Some sayings are trite for a reason, most often because they are repeated innumerable times in speech and in the day to day unfolding of events. I’ve personally used the title of this post several times and I’m certain many of you would have as well – I missed my last scheduled posting here because I had no computer, just one of several pieces of fabric to have unraveled over the last few weeks. But this phrase can also be applied to occurrences of a more positive, birdy note.

Specifically, have you ever had a bird elude you so often that you firmly believe there is no hope of ever seeing it – and then voila – it appears one day. And in the subsequent days, it seems to be everywhere. As far as resident birds go within Trinidad & Tobago, the Grey-throated Leaftosser is one of the more difficult birds to get a view of. The first time I saw one was many years ago along the driveway at Asa Wright at very close range but within a thicket. The remainder of the handful of subsequent sightings have been within the Main Ridge Forest Reserve on Tobago.

Being exclusively a ground-forager in the dark rainforest understory, the Grey-throated Leaftosser is a bird that can easily escape visual detection. Its strident call can be heard from a fair distance away, but spotting a russet-toned bird within russet-toned leaves on the forest floor isn’t the most straightforward of tasks.

It has been suggested that I stake out known nesting areas, try audio playback, and much more – but that’s simply not my ethos. I absolutely love being surprised by one of these birds as I round a bend on a forest trail. Which is precisely what happened some weeks ago.

Grey-throated Leaftosser

Having car issues can be a bad thing, but it is much less of a hindrance if you can hike into the forest. When life gives you lemons, I guess?

I spent considerable time walking along a trail near to where I’m currently based that leads into the Main Ridge Forest Reserve after only a few kilometres (still doable with mild discomfort being the proud owner of a sprained toe). Over the past few weeks I have been surprised with several sightings of this Near Threatened species, the most memorable of which was while walking with another photographer at the start of this month.

We observed this individual for a few minutes doing what it does best – you guessed it – toss leaves.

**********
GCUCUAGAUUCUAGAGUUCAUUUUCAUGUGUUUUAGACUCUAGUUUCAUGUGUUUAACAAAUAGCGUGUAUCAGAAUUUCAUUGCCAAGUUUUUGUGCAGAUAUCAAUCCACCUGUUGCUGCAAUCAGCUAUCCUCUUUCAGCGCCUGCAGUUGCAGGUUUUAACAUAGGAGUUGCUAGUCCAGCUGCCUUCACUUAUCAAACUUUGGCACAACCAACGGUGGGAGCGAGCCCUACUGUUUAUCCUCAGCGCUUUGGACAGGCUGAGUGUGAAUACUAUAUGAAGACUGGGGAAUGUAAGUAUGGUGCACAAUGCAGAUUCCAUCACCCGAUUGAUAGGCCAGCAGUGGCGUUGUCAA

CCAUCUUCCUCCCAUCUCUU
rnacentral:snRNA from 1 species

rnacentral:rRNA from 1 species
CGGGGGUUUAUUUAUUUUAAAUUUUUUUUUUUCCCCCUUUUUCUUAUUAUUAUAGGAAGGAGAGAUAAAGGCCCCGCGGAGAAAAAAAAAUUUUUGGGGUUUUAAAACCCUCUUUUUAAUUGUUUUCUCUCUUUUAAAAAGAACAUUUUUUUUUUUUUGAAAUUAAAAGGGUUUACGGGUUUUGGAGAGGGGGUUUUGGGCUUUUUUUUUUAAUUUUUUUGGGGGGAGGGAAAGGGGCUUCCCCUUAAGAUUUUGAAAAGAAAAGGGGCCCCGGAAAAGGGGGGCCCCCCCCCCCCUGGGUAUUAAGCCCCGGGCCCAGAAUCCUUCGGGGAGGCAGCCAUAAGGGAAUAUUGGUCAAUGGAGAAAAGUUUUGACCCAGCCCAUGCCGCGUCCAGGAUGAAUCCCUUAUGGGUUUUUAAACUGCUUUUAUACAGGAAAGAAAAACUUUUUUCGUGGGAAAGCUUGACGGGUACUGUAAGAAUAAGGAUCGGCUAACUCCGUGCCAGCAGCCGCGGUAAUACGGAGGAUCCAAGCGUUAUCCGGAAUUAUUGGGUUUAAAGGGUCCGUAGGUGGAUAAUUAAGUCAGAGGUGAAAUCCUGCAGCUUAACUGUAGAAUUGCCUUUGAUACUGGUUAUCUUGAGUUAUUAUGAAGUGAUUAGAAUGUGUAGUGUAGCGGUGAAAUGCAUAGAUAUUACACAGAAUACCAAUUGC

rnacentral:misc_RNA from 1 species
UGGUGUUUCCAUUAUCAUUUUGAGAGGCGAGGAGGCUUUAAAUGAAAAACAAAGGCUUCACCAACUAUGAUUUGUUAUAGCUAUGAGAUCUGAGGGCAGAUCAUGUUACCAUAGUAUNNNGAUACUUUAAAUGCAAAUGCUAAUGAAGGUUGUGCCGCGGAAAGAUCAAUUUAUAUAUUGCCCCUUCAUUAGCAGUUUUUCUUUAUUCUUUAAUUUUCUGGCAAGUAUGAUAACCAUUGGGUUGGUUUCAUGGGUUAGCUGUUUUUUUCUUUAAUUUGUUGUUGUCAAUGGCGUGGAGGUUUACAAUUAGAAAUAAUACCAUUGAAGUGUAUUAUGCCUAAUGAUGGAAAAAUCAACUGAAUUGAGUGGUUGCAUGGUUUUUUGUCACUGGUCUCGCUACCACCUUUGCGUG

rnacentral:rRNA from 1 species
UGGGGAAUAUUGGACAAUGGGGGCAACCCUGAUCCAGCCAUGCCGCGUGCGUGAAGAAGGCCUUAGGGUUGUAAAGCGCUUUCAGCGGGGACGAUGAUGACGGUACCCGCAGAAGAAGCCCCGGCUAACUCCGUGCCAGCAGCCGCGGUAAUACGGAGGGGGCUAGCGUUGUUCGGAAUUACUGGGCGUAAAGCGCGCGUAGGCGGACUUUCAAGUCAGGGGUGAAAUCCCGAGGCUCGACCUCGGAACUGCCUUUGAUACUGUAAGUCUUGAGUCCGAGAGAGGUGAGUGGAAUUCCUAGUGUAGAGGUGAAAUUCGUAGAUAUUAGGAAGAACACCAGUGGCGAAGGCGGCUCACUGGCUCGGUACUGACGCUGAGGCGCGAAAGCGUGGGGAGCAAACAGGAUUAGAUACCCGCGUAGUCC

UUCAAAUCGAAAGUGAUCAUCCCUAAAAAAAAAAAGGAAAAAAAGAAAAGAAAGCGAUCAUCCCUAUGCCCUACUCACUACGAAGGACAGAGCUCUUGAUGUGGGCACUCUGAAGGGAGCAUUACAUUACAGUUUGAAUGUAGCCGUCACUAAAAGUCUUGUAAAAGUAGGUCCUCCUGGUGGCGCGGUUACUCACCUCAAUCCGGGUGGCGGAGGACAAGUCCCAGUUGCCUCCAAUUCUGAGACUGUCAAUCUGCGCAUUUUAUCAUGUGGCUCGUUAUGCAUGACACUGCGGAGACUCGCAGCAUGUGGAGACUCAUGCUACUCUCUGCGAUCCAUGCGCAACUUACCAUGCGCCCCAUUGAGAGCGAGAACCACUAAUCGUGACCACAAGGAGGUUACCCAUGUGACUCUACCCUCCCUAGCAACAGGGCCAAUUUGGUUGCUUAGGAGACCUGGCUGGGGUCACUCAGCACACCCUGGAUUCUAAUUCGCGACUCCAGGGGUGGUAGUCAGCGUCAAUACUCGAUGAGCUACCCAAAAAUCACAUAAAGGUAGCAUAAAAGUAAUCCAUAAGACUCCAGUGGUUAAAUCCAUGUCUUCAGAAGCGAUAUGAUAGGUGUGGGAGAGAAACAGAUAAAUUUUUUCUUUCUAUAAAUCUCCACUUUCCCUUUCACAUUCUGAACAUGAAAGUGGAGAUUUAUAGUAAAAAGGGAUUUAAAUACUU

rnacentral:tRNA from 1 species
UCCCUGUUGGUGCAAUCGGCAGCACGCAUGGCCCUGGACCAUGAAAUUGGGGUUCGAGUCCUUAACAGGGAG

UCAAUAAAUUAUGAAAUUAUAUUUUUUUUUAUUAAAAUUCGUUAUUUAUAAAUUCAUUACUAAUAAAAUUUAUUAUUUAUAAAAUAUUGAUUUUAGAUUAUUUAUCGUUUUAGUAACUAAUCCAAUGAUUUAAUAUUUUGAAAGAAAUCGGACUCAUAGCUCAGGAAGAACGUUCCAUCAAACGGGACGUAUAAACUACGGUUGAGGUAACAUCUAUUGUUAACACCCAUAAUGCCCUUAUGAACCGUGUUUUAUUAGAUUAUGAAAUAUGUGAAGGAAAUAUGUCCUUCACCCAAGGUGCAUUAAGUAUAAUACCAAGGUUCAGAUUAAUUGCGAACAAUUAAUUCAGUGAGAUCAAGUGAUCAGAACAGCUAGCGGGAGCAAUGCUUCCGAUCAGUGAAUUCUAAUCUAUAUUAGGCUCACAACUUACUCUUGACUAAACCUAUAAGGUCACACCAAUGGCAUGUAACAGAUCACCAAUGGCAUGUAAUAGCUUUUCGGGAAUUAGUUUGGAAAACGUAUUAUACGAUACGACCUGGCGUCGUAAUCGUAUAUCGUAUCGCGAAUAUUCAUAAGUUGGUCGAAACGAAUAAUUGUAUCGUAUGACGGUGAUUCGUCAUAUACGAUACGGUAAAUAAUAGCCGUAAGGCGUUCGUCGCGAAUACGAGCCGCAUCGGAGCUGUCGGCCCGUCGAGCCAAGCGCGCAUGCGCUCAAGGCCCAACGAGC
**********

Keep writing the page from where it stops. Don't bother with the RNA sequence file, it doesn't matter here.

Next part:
All the while I was looking through my viewfinder at this bird I was hoping it’d look at me. It never did until it reached to the top of this mound.

Some days later I observed yet another Grey-throated Leaftosser totally engrossed in tossing leaves but in a significantly less visible location. All we’d see was the occasional leaf being flung to the heavens. A bit of an exaggeration, I know.

Eventually, it hopped onto this tree trunk and gave its finest woodcreeper impersonation.

I’m grateful for the relative plethora of opportunities with this secretive species – and hoping that I’ll have the same fortune with my most recent lifer – Striped Owl. Fingers crossed!

Written by Faraaz Abdool
Faraaz Abdool is an internationally published freelance conservation and wildlife photographer/writer who specializes in birds and the issues they face worldwide. He graciously serves on the Trinidad and Tobago Bird Status and Distribution Committee (formerly the Trinidad and Tobago Rare Bird Committee), and leads birding trips on both islands. Faraaz also runs yearly birding and wildlife tours to East Africa. Although he doesn’t keep a life list, Faraaz has been a keen birder for many years, separating Black and Turkey Vultures at distance as a little boy, skipping class to gaze at Magnificent Frigatebirds as a teenager and quitting his job as an electrical engineer to put all his energy into conservation as an adult. Faraaz cultivates wildlife consciousness via his words and images, in a last-ditch attempt to reconnect humans with nature and save the world.